I’m just completely hyper in the presence of all this. Find myself gurgling like a baby who is being tickled. Kick an apple around the floodlit garden until I can string a sentence together again. Feel 50 feet tall. Shit, shit, shit. This is R.E.M. and they really like us. No, I mean they really like us. They’re not simply being nice. When someone who you really admire gives you something like that, your shoulders get a little bit lighter and you feel a little bit stronger. Forever.

Mike Mills shows me a note he’s just received from Bill Clinton offering sympathy for his recent stomach troubles.

Thom Yorke


Realise that I have seen nothing of Berlin except for the statue from Wim Wenders’ Wings Of Desire. And I only glimpsed that from the van window. Even the gig was surrounded by trees. Typical. On the flight to Oslo, Mike Mills [R.E.M. bassist] shows me a note he’s just received from Bill Clinton offering sympathy for his recent stomach troubles. Both of us are too hungover to know quite what to make of it.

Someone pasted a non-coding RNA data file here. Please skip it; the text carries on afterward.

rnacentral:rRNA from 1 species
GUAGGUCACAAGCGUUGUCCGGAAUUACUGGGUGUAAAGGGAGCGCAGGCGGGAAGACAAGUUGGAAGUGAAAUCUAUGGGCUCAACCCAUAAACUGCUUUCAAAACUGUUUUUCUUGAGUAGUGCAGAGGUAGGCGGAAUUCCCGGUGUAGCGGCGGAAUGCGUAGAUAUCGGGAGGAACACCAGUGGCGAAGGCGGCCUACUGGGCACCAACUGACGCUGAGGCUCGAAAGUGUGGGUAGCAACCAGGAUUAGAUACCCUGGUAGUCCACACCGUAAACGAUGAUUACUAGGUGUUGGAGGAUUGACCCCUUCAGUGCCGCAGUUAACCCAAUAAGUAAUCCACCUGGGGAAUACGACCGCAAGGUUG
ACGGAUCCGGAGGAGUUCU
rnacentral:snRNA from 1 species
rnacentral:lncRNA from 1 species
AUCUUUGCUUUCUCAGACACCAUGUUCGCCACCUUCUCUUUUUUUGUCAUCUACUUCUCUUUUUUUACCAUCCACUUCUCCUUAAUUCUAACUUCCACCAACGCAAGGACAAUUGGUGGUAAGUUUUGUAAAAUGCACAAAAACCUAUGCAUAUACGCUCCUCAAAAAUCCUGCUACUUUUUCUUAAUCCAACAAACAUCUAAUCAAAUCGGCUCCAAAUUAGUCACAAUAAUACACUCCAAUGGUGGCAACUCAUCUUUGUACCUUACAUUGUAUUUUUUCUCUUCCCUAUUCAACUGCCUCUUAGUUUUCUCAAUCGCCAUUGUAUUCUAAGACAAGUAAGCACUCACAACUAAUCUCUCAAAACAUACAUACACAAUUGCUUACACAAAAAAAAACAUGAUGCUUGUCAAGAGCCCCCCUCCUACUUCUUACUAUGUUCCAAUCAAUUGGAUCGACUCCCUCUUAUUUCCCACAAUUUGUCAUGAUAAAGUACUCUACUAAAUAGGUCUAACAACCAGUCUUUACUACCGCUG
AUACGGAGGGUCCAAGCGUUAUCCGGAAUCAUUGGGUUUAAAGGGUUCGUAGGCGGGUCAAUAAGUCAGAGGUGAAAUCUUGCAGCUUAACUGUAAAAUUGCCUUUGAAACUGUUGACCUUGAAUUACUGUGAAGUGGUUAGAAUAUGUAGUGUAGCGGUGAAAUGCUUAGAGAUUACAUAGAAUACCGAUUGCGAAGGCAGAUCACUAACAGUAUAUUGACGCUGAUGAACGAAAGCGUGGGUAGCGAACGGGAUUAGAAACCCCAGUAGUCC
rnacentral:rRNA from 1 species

See Kurt Cobain’s suicide letter on the back of someone’s T-shirt for the first time. Follow the girl around various shops trying to read it. Something about being moody. Everybody here is blonde and good-looking. And they all wear orange, which is my favourite colour.

I’m really proud of the way we play tonight. There’s a new song called Lucky and I think it’s the best we’ve ever played it. The room has this immense sound and the words just bounce around. I get the shivers virtually all the way through the song and just grin like an idiot.

Watching R.E.M. tonight makes me think how huge they are and how much they have gone through. Now, of course, Bill Clinton writes them letters and they play stadiums. Not that this is my definition of an idyllic future. Briefly consider just how long Radiohead can last. I still get days when I want to clock in all my billions of utterly useless executive air miles and fuck off forever to a shack in Karekare in New Zealand with its alien plant life. But then what?

I play everyone a new song in the dressing room called No Surprises.

Thom Yorke

The R.E.M. machine is astounding. How is it possible to redress the balance in your head between all this stuff and being some guys with drums and guitars and a couple of mics? I guess the answer is with songs like Strange Currencies or a brand new one called The Undertow. Songs that would make me jam on the brakes in the middle of the motorway and veer into the hard shoulder until they had finished. What else is there to life except moments of honey like this? Listening to Finest Worksong makes me feel like I’m 10 feet tall and can crush anything in my path.